A-bomb survivor Masahito Hirose, 81, feels an overlap between young people in the areas hit hard by the Great East Japan Earthquake and himself at that age.
“For a long time, I didn’t laugh,” he recalls as he flips through an old photo album. He was 15 when the bomb fell on Nagasaki. At the time he was at a factory only four kilometers away from the center of the blast.
In 1952, he became an English teacher and began working at Nagasaki Kogyo High School, a technical school. Standing in front of a class of around 40 freshmen, he introduced himself and a novel, “Yoakemae” (Before the dawn), by writer Toson Shimazaki, which is set during the Meiji Restoration that brought back imperial rule.
Hirose, then 22, told his students that “The new nation that the people welcomed with open arms ended up bringing pain to the other people of Asia and having the pitiable end of defeat in war. But we are now before the beginning of a second dawn.” It was a message that he told himself, as well.
“We lacked enough food and our lives were tough, but we had hope in a future of democracy,” says Hirose. “The students were my support.”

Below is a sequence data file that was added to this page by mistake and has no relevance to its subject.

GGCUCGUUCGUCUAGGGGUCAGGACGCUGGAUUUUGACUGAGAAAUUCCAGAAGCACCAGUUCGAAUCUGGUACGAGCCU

Hirose now serves as a part of “Nagasaki no Shogen no Kai,” an organization that works to spread the stories of Nagasaki A-bomb survivors. He wrote the foreword for a 2011 release by the organization. The foreword’s title is, “Datsugenpatsu ni Mukatte” (toward an escape from nuclear power). Hirose regrets that until now he did not use his position as an A-bomb survivor to provide more support for the anti-nuclear power movement.
He puts forth a strong plea: “After March 11, Japan is once again at the beginning of a new historical age. We need the government to show leadership and put together a vision for recovery that reflects the will of the people.”